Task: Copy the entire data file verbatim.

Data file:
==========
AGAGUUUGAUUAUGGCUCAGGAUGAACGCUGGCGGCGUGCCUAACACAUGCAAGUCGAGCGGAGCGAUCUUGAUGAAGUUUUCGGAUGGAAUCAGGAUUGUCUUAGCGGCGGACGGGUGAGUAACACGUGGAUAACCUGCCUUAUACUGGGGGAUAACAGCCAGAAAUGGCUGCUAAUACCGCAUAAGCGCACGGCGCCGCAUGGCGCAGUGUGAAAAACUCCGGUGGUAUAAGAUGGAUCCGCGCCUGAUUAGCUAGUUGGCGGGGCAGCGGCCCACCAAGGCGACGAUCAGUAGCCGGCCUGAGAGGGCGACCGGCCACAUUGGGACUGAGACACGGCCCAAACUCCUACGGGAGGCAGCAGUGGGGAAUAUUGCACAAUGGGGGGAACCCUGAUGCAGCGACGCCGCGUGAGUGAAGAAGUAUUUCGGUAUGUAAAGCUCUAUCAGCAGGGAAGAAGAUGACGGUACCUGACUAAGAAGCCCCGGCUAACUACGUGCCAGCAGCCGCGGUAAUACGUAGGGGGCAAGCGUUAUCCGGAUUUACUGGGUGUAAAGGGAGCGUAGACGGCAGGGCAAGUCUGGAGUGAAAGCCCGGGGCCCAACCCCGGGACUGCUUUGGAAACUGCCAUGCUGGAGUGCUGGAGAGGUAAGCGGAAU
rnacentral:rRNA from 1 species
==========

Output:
AGAGUUUGAUUAUGGCUCAGGAUGAACGCUGGCGGCGUGCCUAACACAUGCAAGUCGAGCGGAGCGAUCUUGAUGAAGUUUUCGGAUGGAAUCAGGAUUGUCUUAGCGGCGGACGGGUGAGUAACACGUGGAUAACCUGCCUUAUACUGGGGGAUAACAGCCAGAAAUGGCUGCUAAUACCGCAUAAGCGCACGGCGCCGCAUGGCGCAGUGUGAAAAACUCCGGUGGUAUAAGAUGGAUCCGCGCCUGAUUAGCUAGUUGGCGGGGCAGCGGCCCACCAAGGCGACGAUCAGUAGCCGGCCUGAGAGGGCGACCGGCCACAUUGGGACUGAGACACGGCCCAAACUCCUACGGGAGGCAGCAGUGGGGAAUAUUGCACAAUGGGGGGAACCCUGAUGCAGCGACGCCGCGUGAGUGAAGAAGUAUUUCGGUAUGUAAAGCUCUAUCAGCAGGGAAGAAGAUGACGGUACCUGACUAAGAAGCCCCGGCUAACUACGUGCCAGCAGCCGCGGUAAUACGUAGGGGGCAAGCGUUAUCCGGAUUUACUGGGUGUAAAGGGAGCGUAGACGGCAGGGCAAGUCUGGAGUGAAAGCCCGGGGCCCAACCCCGGGACUGCUUUGGAAACUGCCAUGCUGGAGUGCUGGAGAGGUAAGCGGAAU
rnacentral:rRNA from 1 species